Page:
We, here in the U.S. have been trying for decades to help end the division of Cyprus. And we certainly welcome the renewed interest of the U.S. government to help bring it about. But having reached this critical juncture, where now all parties recognize the benefits of reunification, special and serious attention must be given to the contents of the final agreement. It should not be a “closing” of the Cyprus problem at any cost. Long after international envoys forget about Cyprus, its people will have to live with the agreement they help to fashion and with its consequences. And it is incumbent upon all leaders involved, and especially the UN Secretary General, to ensure that those consequences will not be detrimental to Cyprus and its people.
The Secretary General and those who help author his plan for Cyprus, have a heavy responsibility to come up with a fair and workable final agreement based on the rule of law and sound democratic principles. It should not be their mission to fashion an incomprehensible, unimplementable and dysfunctional blueprint to “close” the Cyprus problem. Their mandate should be to genuinely solve the problem.
It will be a new tragedy for Cyprus if having arrived at this point, on the verge of joining the EU, an unrealistic agreement is forced on its people. An agreement that could generate serious problems for years to come.
We therefore call upon all leaders and parties involved, to consider very seriously the concerns we have raised and help construct an agreement that will judged as fair, just, functional and viable by universally acceptable criteria.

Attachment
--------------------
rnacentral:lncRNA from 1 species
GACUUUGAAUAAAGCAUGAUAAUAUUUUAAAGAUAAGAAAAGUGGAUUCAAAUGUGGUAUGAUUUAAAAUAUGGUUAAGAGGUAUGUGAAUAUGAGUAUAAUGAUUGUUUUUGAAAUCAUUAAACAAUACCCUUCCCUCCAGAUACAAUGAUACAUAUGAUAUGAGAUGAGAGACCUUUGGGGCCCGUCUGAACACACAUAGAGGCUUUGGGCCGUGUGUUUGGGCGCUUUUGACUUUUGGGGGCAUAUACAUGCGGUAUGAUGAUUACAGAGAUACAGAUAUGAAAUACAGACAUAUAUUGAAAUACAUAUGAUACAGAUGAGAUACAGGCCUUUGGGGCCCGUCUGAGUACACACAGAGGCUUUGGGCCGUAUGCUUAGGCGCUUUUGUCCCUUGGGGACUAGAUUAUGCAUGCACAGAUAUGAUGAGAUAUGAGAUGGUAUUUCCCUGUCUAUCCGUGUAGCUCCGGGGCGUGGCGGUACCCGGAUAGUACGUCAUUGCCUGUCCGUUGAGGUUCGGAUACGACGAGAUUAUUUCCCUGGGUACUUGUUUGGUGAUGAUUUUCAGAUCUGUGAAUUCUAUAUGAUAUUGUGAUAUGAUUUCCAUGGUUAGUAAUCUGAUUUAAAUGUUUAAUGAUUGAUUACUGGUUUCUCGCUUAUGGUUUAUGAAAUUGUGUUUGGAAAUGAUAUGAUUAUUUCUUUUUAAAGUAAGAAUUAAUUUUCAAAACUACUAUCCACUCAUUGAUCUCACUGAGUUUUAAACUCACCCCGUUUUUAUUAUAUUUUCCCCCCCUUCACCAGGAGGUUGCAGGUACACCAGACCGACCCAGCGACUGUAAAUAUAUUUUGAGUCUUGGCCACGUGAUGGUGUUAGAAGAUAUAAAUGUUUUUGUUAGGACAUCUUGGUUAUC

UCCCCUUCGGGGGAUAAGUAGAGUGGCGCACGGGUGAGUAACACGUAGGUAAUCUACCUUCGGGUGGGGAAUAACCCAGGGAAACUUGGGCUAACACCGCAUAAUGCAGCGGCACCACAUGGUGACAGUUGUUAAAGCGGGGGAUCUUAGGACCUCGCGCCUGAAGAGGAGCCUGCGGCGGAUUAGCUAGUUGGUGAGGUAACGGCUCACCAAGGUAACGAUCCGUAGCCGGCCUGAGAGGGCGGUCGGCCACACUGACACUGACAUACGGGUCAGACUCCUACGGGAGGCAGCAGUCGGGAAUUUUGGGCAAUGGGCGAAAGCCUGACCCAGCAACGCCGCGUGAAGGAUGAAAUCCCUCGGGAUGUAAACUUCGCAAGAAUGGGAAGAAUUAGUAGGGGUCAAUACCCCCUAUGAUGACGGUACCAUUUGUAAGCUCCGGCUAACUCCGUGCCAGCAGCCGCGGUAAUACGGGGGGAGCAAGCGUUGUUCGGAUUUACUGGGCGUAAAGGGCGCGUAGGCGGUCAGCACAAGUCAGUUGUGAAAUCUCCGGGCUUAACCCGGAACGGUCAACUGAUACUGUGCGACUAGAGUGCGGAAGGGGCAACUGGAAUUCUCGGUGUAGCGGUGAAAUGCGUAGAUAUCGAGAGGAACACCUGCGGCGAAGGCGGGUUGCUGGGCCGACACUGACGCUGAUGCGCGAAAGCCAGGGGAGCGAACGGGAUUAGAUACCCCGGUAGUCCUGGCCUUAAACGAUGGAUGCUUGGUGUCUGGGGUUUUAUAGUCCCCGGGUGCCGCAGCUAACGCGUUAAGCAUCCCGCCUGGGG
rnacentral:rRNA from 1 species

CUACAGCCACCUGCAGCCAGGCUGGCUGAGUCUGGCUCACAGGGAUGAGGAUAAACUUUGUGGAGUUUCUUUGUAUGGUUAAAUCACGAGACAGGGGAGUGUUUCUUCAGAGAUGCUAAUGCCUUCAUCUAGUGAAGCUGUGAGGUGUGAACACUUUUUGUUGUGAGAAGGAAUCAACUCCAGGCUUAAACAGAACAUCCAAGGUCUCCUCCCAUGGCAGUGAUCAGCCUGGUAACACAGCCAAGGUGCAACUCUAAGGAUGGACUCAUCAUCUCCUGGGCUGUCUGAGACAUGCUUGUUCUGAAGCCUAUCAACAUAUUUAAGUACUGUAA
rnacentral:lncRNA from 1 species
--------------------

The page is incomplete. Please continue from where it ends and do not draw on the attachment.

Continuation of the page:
Only then call they ask the people of Cyprus, with a clear conscience, to embrace the agreement, legitimize it through their vote and implement it with determination. Only then it can be workable. We believe that as things stand now that prospect remains distant.
As American citizens we must insist that our government helps direct the UN negotiations in a way that guarantees for the people of Cyprus the ideals and values that guide our own democracy. We must not favor or promote double standards or derogations that violate our fundamental principles for the sake of expediency.
The people of Cyprus have suffered too much, for too long, as a result of such a cynical approach in the past. We owe them and they deserve, a genuine democratic solution guided by the rule of law. Let us not miss this opportunity to help them secure it for generations to come.